In one of Gov. Bill Haslam’s key legislative proposals, the Tennessean reports that student test scores will still play largely the same role in the evaluations of certain Tennessee teachers.
Haslam’s plan changes evaluations for teachers in subjects with standardized tests, such as math and English, and those without such tests, such as kindergarten or music classes. Starting next school year, the plan calls for the new state standardized assessment, TNReady, to account for only 10 percent of a teacher’s total evaluation if that teacher is in a tested subject.
But state Commissioner of Education Candice McQueen confirmed that 35 percent of the evaluation for those teachers will still come from student test scores, as is the case now. Under Haslam’s proposal, McQueen said the remaining 25 percent would come from the teacher’s previous two years of Tennessee Comprehensive Assessment Program scores — known as TCAP.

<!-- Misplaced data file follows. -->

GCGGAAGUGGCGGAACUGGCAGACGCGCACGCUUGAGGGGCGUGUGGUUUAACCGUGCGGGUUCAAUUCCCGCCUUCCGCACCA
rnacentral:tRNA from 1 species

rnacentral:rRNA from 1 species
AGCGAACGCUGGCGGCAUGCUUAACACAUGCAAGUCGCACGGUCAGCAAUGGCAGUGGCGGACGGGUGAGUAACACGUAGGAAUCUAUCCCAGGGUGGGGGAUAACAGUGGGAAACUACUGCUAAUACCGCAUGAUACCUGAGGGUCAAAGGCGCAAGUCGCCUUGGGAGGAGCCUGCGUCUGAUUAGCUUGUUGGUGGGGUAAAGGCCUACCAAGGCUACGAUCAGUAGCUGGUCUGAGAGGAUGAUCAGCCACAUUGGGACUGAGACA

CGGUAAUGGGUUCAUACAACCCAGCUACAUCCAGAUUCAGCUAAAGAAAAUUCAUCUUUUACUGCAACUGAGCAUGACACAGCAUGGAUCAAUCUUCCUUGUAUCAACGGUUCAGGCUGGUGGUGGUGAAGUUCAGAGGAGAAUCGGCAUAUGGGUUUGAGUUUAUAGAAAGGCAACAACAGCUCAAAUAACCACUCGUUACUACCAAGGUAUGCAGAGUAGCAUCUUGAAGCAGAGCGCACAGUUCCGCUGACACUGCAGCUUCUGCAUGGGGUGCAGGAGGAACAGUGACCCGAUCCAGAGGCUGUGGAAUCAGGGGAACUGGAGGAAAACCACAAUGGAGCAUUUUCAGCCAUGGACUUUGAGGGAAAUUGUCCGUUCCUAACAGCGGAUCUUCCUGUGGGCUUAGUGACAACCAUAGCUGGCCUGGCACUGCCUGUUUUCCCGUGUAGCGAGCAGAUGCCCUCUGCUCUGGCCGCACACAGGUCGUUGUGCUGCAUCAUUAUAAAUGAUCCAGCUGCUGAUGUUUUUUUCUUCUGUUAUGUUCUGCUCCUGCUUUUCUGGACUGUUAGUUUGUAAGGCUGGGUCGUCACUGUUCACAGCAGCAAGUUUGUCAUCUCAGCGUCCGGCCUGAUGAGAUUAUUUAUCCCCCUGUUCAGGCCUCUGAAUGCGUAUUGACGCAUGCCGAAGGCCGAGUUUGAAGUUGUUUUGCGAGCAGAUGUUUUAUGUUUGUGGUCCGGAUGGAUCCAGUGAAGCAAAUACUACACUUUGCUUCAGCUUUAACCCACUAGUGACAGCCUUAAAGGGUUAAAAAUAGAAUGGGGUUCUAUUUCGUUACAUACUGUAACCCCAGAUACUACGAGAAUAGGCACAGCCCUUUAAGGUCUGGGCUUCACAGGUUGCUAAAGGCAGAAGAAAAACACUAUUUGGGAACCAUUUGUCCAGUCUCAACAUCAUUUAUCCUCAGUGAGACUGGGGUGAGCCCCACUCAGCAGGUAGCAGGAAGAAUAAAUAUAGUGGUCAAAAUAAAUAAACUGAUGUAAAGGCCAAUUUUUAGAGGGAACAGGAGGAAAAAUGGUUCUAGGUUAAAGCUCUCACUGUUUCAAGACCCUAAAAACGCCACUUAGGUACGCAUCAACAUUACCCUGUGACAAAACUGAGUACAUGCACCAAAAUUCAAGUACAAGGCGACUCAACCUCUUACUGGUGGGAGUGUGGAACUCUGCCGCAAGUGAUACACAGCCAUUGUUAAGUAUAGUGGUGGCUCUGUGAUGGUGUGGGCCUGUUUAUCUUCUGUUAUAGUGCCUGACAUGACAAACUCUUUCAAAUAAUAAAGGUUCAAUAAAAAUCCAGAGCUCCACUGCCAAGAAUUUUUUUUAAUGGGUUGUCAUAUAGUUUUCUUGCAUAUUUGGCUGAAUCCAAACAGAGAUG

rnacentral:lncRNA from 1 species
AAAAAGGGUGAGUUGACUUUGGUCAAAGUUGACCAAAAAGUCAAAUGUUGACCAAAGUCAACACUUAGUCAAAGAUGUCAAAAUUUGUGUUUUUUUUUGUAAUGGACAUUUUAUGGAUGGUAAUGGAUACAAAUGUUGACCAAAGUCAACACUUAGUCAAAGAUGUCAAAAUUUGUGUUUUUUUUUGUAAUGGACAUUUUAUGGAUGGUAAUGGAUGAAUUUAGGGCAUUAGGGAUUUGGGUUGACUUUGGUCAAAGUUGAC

“We’re not changing the calculation. It’s that the new assessment would count 10 percent of the full 35 percent,” McQueen said Tuesday after state lawmakers discussed Haslam’s proposal.
That’s a bit of a surprise for one of the state’s largest teachers’ unions. Tennessee Education Association lobbyist Jim Wrye said that his organization thought the plan would roll back the amount student test scores play in all teacher evaluations.
“What we were assuming is that tested and non-tested teachers would all have just 10 percent, and that’s what it would be based on. And so when they came out that they wanted to keep using some sort of TCAP data, that can be really problematic,” Wrye said Tuesday.